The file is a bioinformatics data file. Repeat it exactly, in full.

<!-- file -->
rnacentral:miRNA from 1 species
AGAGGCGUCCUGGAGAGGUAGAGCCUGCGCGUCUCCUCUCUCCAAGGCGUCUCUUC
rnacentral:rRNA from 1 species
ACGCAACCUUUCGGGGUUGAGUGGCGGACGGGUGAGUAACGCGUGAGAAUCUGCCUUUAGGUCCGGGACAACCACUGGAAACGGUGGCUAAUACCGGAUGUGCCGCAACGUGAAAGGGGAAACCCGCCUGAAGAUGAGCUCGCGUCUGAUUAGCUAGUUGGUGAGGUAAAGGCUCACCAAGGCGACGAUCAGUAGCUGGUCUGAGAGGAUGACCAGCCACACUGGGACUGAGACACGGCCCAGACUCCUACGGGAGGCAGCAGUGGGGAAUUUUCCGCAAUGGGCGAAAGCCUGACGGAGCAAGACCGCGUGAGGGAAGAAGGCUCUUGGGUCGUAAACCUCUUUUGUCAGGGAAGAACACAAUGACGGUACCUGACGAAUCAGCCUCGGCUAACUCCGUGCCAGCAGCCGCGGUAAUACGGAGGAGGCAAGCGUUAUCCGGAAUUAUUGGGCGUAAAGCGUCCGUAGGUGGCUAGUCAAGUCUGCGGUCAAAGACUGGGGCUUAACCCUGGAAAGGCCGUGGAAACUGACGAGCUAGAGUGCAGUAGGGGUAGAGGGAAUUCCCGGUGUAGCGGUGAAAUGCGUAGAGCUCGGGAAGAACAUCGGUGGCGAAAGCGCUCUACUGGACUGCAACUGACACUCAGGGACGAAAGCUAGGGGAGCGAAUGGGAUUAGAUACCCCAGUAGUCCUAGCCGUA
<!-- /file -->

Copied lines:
rnacentral:miRNA from 1 species
AGAGGCGUCCUGGAGAGGUAGAGCCUGCGCGUCUCCUCUCUCCAAGGCGUCUCUUC
rnacentral:rRNA from 1 species
ACGCAACCUUUCGGGGUUGAGUGGCGGACGGGUGAGUAACGCGUGAGAAUCUGCCUUUAGGUCCGGGACAACCACUGGAAACGGUGGCUAAUACCGGAUGUGCCGCAACGUGAAAGGGGAAACCCGCCUGAAGAUGAGCUCGCGUCUGAUUAGCUAGUUGGUGAGGUAAAGGCUCACCAAGGCGACGAUCAGUAGCUGGUCUGAGAGGAUGACCAGCCACACUGGGACUGAGACACGGCCCAGACUCCUACGGGAGGCAGCAGUGGGGAAUUUUCCGCAAUGGGCGAAAGCCUGACGGAGCAAGACCGCGUGAGGGAAGAAGGCUCUUGGGUCGUAAACCUCUUUUGUCAGGGAAGAACACAAUGACGGUACCUGACGAAUCAGCCUCGGCUAACUCCGUGCCAGCAGCCGCGGUAAUACGGAGGAGGCAAGCGUUAUCCGGAAUUAUUGGGCGUAAAGCGUCCGUAGGUGGCUAGUCAAGUCUGCGGUCAAAGACUGGGGCUUAACCCUGGAAAGGCCGUGGAAACUGACGAGCUAGAGUGCAGUAGGGGUAGAGGGAAUUCCCGGUGUAGCGGUGAAAUGCGUAGAGCUCGGGAAGAACAUCGGUGGCGAAAGCGCUCUACUGGACUGCAACUGACACUCAGGGACGAAAGCUAGGGGAGCGAAUGGGAUUAGAUACCCCAGUAGUCCUAGCCGUA